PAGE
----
If you know how to perform simple arithmetic operations AND how to fill in series, you will be able to **apply operations to long lists of data** in a few clicks. Let’s assume that you want to multiply a whole series of numbers ranging from 1 to 10 by 5. First, create the series in the area A1:A10. Then, type in the operation “=A1*5” in B1, press `ENTER`

, select B1, click on the square and drag the selection dow to B10. This should result in a series ranging from 5 to 50.

If you prefer to multiply the original series in A1:A10 by the content of a specific cell (for example C1), type in the operation “=A1*$C$1” in B1, press `ENTER`

, select B1, click on the square and drag the selection down to B10. A series of zeros appears in B1:B10, essentially because the cell C1 is empty (which equals 0, by default). Fill in C1 with the value of your choice (let’s say 5), press `ENTER`

and a series ranging from 5 to 50 magically replaces the bunch of zeros. Note that the values in B1:B10 will permanently depend on the content of C1. Changing the value in C1 will thus dynamically modify the content of B1:B10. For instance, typing 12 in C1 modifies the content of B1:B10 and a series ranging from 12 to 120 is now displayed. In fact, the symbol `$`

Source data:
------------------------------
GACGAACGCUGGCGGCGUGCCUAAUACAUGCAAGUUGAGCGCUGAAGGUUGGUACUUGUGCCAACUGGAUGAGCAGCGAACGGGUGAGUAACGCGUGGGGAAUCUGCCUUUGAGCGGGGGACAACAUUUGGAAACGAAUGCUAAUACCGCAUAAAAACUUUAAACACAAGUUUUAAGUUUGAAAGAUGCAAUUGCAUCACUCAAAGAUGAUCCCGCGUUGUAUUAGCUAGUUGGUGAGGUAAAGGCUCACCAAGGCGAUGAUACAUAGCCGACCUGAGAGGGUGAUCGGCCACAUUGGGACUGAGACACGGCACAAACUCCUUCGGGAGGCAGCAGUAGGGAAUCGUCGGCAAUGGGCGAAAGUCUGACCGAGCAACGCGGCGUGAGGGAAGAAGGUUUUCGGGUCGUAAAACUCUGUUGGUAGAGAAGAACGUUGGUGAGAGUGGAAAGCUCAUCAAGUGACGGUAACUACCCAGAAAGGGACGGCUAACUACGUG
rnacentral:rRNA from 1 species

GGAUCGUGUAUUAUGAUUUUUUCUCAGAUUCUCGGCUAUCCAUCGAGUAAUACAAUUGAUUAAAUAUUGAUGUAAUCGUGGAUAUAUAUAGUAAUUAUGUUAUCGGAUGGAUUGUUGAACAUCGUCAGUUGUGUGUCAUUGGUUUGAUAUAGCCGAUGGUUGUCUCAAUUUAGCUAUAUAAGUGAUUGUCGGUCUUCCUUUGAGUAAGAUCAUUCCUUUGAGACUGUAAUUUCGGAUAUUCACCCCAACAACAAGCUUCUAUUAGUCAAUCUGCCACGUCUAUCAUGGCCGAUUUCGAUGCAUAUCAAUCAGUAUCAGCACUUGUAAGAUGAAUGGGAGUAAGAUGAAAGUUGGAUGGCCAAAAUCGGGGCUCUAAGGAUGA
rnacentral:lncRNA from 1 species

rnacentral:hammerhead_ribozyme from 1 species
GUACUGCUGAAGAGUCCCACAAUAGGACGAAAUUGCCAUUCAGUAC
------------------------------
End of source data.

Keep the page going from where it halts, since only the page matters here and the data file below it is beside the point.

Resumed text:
helps “**lock**” the address of a cell. Pressing the `F4`

key on the keyboard after typing C1 in the formula bar adds the symbol $ in front of both C and 1. Pressing F4 twice adds $ only in front of 1. Pressing F4 three time adds $ only in front of C…

Note: when dragging a selection which contains a formula which refers to a specific cell, the address of the cell will be modified line after line and column after column. Dragging downward modifies the address by incrementing the letter (B1>C1>D1>E1>F1…) whereas dragging to the right modifies the address by incrementing the number (B1>B2>B3>B4>B5>B6…). The symbol `$`

locks the address of the cell so that the reference to C1 does not vary when dragging the selection to fill in cells. This ensures that the formula which you have entered in B1 always multiplies by the content of C1.

Omitting the symbol(s) `$`

allows the cell address in the formula to vary automatically with the direction towards which you drag the mouse. Dragging “=A1*C1” downward would thus results in “=A2*C2”, “=A3*C3” and so on… Dragging “=A1*C1” towards the right results in “=B1*D1”, “=C1*E1” and so on… This is useful for example when you want to apply an operation or formula to pairs of cells.